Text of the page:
What was also satisfying? The surprised reaction of some of their meat-eating competitors, who were in awe of Torres and Tresize’s well-developed physiques. “By the time of the competition, other competitors were practically eating nothing but meat and craving starches and fruit because they’re convinced they need to eliminate those foods in order to step on stage,” says Torres. “When they meet us as vegan competitors who’ve been eating a normal amount of these foods and see the same—if not better—physical results, not to mention not looking nearly as haggard or dehydrated, it raises a few eyebrows!” (Read about A Day In the Life of a Bikini Competition Winner.)
How They Pulled It Off
To prepare for their first competition, both Torres and Tresize kept their training routine mostly the same, yet consistently added in more cardio in addition to eating progressively less food to shed body fat. “Being that I was preparing for my first competition as a way of getting back in shape after having my first child, I needed to get from 29 percent body fat to 12 percent, which is a big decrease,” says Torres. The key to getting her there safely was to actually increase her food intake for several months (to fire up a sluggish metabolism), she explains. In fact, Torres only reduced her calorie intake or increased the amount of cardio she was doing if she plateaued. Otherwise, she avoided any drastic changes.
They also focused on affordable meals—which didn’t sacrifice taste or nutrition. “One of the greatest benefits of a vegan diet is how affordable staple items like rice, potatoes, and beans are, especially if you buy them in bulk,” says Torres. “If you keep your favorite fruits, vegetables, seasonings, and sauces on hand, you have the makings for many easy and frugal meals, which can easily be prepared in advanced and stored for the week.” And though they transitioned to the diet with fake meat and vegan cheese products that are processed, now they limit those foods to no more than two times per week. (Try these 6 High-Protein Vegan Meal Ideas.)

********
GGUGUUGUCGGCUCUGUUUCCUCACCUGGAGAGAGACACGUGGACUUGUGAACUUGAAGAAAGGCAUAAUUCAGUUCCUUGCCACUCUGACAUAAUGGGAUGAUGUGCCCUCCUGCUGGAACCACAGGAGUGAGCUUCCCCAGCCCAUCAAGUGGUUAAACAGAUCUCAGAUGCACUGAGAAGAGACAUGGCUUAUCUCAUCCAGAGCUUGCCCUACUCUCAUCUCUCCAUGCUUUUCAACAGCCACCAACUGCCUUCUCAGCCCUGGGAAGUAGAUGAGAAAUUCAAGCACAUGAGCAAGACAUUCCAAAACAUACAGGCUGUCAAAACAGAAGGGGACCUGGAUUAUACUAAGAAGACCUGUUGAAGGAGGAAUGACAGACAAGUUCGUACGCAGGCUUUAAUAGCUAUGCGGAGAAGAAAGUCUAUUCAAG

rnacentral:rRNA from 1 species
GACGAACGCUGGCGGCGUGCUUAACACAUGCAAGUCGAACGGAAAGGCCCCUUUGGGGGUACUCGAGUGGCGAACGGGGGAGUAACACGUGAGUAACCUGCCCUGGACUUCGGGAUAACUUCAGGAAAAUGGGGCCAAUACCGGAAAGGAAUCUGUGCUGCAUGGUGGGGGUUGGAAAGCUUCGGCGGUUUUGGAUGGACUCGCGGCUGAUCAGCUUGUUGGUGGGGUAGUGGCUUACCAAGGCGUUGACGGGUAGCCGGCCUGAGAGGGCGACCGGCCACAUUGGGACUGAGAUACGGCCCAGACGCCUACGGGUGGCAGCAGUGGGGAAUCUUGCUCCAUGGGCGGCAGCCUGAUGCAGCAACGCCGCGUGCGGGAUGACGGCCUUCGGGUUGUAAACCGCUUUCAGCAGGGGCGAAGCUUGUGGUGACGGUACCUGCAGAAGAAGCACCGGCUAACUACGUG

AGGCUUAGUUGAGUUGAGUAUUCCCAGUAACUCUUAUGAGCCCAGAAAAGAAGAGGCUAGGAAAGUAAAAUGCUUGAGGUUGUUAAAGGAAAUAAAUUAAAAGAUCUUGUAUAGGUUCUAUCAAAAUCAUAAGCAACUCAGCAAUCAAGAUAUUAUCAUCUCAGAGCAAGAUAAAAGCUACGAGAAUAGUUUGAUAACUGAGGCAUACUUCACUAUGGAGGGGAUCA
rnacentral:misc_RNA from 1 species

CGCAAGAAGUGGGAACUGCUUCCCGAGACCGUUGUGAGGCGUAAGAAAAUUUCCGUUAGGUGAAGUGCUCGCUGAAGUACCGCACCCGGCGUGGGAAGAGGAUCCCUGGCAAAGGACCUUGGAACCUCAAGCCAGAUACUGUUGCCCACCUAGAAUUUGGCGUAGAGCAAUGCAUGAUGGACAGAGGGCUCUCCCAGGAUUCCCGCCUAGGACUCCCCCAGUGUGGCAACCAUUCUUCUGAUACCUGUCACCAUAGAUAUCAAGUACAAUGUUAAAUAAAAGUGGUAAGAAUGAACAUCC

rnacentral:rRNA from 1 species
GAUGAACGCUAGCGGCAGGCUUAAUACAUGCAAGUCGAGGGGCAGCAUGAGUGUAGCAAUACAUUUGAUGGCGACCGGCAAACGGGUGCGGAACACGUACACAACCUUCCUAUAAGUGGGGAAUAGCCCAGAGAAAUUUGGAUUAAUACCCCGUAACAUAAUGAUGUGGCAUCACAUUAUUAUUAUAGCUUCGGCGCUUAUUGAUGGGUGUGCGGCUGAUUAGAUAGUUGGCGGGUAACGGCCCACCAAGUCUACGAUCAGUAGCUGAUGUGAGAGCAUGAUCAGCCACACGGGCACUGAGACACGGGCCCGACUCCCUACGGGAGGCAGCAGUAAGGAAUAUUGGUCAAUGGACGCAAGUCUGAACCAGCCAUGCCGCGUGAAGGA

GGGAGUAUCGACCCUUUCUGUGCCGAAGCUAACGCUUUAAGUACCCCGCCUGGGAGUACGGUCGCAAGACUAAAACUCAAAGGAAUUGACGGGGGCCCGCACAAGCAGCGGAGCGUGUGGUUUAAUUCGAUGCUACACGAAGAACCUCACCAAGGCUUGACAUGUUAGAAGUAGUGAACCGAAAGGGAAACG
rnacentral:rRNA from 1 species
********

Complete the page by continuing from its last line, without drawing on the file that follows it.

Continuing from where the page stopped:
When the competition was over, word spread still. “We were getting more and more interest from people who have been competing and eating the standard high meat diet and consequently have had a health scare or who just feel terrible physically as a result,” says Tresize. So they decided to write a book—The Vegan Muscle & Fitness Guide to Bodybuilding Competitions—in an effort to educate those who were interested in following in their footsteps. “It contains all of the guidelines, calculations, and training protocols that we have used successfully with hundreds of clients,” says Tresize. This includes shedding light on the fact that a high-carb diet is just fine for fat loss—even in the last stages of competition prep.
Want to try your hand at a day in the diet? Here’s an example of their plant-based diet (which you can follow too!):
Breakfast: Overnight muesli with coconut yogurt
Lunch: Nicoise salad with chickpeas, green beans and potatoes, and a bowl of banana ice cream (made from putting frozen bananas in a food processor)
Dinner: Mac ‘n’ cheese (the sauce of which is made with tofu, cashews, potatoes and carrots)
Maybe your goal isn’t to win a bodybuilding competition. It might be to finish a 10K, add another 10 pounds to your weight lifting reps, or just uncover those six-pack abs you know you have. But the proof is in Torres’ and Tresize’s pictures: A vegan diet can help you get there.